An article in state-owned People’s Daily on Oct. 7 defined the new crop seed varieties, granted with property rights, based on germplasm resources, as a “chip” in the modern agriculture field, and emphasized the importance of such resources.
The article author, Liu Xu, a member of the Chinese Academy of Engineering and former vice principal of the Academy of Agricultural Sciences, defined “germplasm resources” as biological carriers with exploitable value, involving living individuals and groups and even DNA and genes.
The article quoted a February document by the central committee of the Chinese Communist Party (CCP) that said, “seeds are the foundation for the modernization of agriculture” and “fight for turn-over of the seed industry,” indicating an end to the long-standing limitation of intellectual property rights in the seed industry.
Shi Shan, a senior media worker who focuses on Chinese political and economic issues who lives in the United States, said this is the first time the CCP authorities have singled out the seed industry issue in a “Party core document.”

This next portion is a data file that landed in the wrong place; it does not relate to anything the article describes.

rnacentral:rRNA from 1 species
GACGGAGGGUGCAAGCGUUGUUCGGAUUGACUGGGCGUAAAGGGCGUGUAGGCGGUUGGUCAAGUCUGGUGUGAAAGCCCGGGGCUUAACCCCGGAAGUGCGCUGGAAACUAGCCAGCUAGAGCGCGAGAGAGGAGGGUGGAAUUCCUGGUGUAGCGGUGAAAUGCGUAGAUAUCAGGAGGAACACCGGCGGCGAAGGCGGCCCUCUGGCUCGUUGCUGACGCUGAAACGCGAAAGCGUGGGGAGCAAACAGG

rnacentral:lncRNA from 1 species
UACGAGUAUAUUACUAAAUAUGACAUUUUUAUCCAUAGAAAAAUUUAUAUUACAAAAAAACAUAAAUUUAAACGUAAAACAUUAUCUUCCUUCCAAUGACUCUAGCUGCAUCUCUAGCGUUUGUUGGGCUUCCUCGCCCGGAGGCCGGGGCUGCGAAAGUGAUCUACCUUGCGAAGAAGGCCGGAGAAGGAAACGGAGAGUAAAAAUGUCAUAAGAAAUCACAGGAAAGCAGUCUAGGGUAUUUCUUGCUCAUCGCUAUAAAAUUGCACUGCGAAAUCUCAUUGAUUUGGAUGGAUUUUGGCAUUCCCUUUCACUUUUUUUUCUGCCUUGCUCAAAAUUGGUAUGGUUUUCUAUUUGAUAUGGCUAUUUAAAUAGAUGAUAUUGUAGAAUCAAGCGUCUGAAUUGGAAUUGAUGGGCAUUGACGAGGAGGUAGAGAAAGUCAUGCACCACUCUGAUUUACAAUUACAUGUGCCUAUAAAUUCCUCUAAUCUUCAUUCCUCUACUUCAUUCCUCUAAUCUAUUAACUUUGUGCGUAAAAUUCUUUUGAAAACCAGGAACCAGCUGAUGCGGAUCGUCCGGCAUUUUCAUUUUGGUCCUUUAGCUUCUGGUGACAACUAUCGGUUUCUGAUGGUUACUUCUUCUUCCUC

China’s Biological Breeding Lags Behind the West
Liu Xu also admitted that the process of generating new germplasm through independent innovation and then owning intellectual property rights takes 15 to 30 years and requires a lot of financial resources, energy, and time.
China’s largest and most extensive census of agricultural germplasm resources started in 2021 and will continue to 2023. After the CCP completes the state-level database, its seed resources reserve capacity will increase from 400,000 to 1.5 million copies, according to China’s official media.
However, the top 10 patent applications in China for biological breeding are from universities and research institutions, that, unlike international seed giants DuPont and Monsanto, can realize their patents into practical technologies and commercial applications.
China’s seed research institutions and seed companies are state-owned enterprises that make little profit, Shi Shan said, actually “the CCP has invested very little in seed research and development.”
Jing Fei, a professor at Bohai University’s Institute of Management, told Chinese media First Financial that the alliance between research institutions and enterprises in China is relatively lax and sloppy.